The 10 Most Livable Countries

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4. Netherlands
> Human Development Index score: 0.915
> Gross nat’l income per capita: $42,397 (17th highest)
> Life expectancy at birth: 81.0 years (18th highest)
> Expected years of schooling: 17.9 years (5th highest)

The Netherlands is among the more equitable countries measured by the United Nations, with a Gini coefficient far lower than that of the United States and a number of other highly developed nations. The country also scored well in gender equality due to its low maternal mortality rate, low teen birth rate, and the high level of female representation in parliament. Last year, 37.8% of representatives in parliament in the Netherlands were women, well above the 18.2% in the U.S. Congress.

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3. Switzerland
> Human Development Index score: 0.917
> Gross nat’l income per capita: $53,762 (9th highest)
> Life expectancy at birth: 82.6 years (3rd highest)
> Expected years of schooling: 15.7 years (28th highest)

Known for its political and economic stability, Switzerland also had the third highest life expectancy out of all countries reviewed, behind only Japan and Hong Kong. Switzerland’s gross national income was $53,762 per capita in 2013, higher than all but a few countries reviewed. Switzerland also scored among the highest in terms of gender equality, with exceptionally high female labor participation and educational attainment rates. In addition, there were less than two teen pregnancies per 1,000 people reported in 2010, nearly the lowest adolescent birth rate. Foreigners, however, may not necessarily have option of moving to this highly livable country. Switzerland, which is not part of the European Union, recently approved quotas and other controls on immigration.

2. Australia
> Human Development Index score: 0.933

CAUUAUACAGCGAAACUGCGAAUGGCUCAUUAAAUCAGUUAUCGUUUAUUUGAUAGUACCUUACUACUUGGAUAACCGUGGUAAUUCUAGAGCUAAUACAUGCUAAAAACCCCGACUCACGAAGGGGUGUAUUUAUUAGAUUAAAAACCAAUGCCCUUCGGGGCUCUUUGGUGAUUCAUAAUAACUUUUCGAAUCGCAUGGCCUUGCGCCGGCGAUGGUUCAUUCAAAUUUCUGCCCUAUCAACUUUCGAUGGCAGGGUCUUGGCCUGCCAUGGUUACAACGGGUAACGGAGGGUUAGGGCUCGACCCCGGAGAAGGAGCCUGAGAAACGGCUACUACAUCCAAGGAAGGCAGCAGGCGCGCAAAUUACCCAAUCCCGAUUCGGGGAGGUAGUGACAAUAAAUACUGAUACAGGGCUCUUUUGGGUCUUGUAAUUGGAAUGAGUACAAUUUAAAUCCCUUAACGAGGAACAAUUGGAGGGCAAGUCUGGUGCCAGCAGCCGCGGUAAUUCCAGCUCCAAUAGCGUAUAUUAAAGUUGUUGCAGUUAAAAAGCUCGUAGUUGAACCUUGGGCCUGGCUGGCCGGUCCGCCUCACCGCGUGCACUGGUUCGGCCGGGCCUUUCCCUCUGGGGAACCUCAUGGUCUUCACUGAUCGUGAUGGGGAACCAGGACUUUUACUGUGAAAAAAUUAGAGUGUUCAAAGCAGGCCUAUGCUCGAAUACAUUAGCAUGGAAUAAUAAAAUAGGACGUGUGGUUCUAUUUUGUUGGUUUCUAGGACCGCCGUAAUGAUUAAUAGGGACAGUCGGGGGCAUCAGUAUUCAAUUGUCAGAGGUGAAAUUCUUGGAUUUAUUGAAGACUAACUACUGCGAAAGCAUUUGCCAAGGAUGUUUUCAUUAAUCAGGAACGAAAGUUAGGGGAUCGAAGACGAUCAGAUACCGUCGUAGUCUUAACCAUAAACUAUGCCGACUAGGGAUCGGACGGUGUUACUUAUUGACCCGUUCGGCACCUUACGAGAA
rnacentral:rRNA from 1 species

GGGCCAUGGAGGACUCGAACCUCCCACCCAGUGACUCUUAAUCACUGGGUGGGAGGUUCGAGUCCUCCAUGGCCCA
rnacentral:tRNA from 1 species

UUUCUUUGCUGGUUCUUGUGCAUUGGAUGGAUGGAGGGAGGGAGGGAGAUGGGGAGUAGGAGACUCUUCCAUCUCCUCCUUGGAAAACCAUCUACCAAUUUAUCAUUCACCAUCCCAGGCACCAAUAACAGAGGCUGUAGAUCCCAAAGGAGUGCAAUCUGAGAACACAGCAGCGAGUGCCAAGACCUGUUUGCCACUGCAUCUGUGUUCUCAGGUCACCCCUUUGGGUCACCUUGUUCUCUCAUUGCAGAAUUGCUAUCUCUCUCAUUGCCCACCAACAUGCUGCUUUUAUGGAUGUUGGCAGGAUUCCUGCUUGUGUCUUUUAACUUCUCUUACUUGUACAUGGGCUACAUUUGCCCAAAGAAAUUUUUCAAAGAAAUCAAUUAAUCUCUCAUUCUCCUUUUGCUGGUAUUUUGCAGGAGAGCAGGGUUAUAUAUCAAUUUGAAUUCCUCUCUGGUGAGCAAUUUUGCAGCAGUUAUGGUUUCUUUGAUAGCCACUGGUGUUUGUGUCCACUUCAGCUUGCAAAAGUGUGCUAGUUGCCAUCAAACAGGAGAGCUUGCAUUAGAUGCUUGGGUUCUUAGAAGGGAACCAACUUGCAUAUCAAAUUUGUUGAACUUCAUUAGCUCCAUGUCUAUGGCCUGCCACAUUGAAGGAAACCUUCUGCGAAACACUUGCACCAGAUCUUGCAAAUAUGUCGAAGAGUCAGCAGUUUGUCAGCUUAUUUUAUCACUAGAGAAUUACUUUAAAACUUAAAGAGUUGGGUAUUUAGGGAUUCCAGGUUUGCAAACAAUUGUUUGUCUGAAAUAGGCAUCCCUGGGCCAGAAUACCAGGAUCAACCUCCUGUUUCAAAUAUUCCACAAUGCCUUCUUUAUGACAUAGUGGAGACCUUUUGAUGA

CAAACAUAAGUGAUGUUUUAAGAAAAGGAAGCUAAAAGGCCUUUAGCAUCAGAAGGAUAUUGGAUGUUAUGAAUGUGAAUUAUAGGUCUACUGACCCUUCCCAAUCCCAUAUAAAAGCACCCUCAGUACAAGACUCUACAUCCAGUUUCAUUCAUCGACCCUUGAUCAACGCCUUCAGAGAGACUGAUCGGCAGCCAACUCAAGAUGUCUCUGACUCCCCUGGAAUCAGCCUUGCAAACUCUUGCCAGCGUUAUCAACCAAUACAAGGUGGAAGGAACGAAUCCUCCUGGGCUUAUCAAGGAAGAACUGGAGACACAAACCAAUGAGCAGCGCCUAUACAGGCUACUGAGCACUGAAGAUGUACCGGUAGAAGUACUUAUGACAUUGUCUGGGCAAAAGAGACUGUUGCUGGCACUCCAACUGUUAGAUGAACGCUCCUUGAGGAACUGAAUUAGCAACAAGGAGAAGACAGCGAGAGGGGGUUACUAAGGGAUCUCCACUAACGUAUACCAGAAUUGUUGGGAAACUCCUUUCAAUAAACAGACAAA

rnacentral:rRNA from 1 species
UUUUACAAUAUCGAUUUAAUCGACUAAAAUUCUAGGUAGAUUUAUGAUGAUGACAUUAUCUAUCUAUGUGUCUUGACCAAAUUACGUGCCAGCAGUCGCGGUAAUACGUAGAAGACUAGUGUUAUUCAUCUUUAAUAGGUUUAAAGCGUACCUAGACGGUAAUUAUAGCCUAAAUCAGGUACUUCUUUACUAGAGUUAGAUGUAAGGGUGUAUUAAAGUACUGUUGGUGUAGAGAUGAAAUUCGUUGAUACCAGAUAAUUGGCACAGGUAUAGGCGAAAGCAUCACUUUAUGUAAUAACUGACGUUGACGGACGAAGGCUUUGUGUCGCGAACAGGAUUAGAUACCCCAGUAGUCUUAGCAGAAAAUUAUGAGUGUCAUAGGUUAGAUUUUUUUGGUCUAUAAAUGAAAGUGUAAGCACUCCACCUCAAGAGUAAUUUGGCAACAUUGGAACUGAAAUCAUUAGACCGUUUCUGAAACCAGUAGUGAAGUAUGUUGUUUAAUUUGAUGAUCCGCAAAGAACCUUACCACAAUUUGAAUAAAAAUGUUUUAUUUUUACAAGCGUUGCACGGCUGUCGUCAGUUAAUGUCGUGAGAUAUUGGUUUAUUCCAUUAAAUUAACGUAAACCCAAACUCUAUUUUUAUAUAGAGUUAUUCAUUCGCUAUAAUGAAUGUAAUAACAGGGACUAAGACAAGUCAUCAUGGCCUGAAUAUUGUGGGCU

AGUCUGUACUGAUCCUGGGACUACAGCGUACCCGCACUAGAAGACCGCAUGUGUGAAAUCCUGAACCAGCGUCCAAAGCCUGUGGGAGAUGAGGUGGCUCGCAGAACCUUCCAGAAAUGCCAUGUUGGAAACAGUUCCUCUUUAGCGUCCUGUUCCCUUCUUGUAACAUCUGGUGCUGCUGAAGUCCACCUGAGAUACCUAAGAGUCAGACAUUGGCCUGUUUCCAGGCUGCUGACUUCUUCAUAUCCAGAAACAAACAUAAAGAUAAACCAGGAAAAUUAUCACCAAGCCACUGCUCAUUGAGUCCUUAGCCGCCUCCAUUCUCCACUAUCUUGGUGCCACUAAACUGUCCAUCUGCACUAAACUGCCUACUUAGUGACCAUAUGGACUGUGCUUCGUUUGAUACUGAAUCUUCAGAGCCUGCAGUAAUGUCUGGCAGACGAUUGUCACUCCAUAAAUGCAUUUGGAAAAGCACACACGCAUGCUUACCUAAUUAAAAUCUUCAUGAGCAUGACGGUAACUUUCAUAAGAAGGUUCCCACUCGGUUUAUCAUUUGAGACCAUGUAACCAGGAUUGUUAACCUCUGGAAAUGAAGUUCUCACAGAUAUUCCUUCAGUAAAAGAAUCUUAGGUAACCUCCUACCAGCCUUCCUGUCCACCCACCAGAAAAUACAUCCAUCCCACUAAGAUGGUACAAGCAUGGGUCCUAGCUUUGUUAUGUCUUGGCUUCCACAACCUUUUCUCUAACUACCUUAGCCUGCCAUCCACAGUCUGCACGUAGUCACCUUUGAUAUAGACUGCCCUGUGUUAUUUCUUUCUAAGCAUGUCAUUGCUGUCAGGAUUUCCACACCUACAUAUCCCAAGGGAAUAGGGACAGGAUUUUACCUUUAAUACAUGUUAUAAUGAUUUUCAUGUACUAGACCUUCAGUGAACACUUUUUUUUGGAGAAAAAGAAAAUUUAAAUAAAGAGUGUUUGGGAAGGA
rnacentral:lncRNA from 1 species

> Gross nat’l income per capita: $41,524 (20th highest)
> Life expectancy at birth: 82.5 years (4th highest)
> Expected years of schooling: 19.9 years (the highest)

Australia had one of the longest life expectancies in 2013, at 82.5 years. Residents 25 and older had also spent more time in school than adults in any other country, at 12.9 years on average as of 2012. Australia’s per capita gross national income of $41,524 last year was roughly on par with other highly developed countries. Additionally, at 5.2% last year, the country’s unemployment rate was far lower than similarly developed countries in Europe as well as the United States. Australia’s economy has benefitted tremendously from a mining boom in recent years, although the economy is currently rebalancing as iron ore prices have dropped and gorwth in China — a major trade partner — has slowed.

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1. Norway
> Human Development Index score: 0.944
> Gross nat’l income per capita: $63,909 (6th highest)
> Life expectancy at birth: 81.5 years (13th highest)
> Expected years of schooling: 17.6 years (6th highest)

According to the Human Development Index, no country is more livable than Norway. Relative to the country’s population of just 5 million, Norway’s economy is quite large. Norway had a gross national income of $63,909 per capita last year, more than all but five other nations. Oil revenue has helped Norway become quite wealthy and accounts for a majority of the country’s exports. Like several other highly-developed countries, and Scandinavia in particular, 100% of retirement age Norway residents receive a pension. Norwegians also enjoy particularly good health outcomes. There were just two deaths per 1,000 live births in 2012, tied for the lowest infant mortality rate.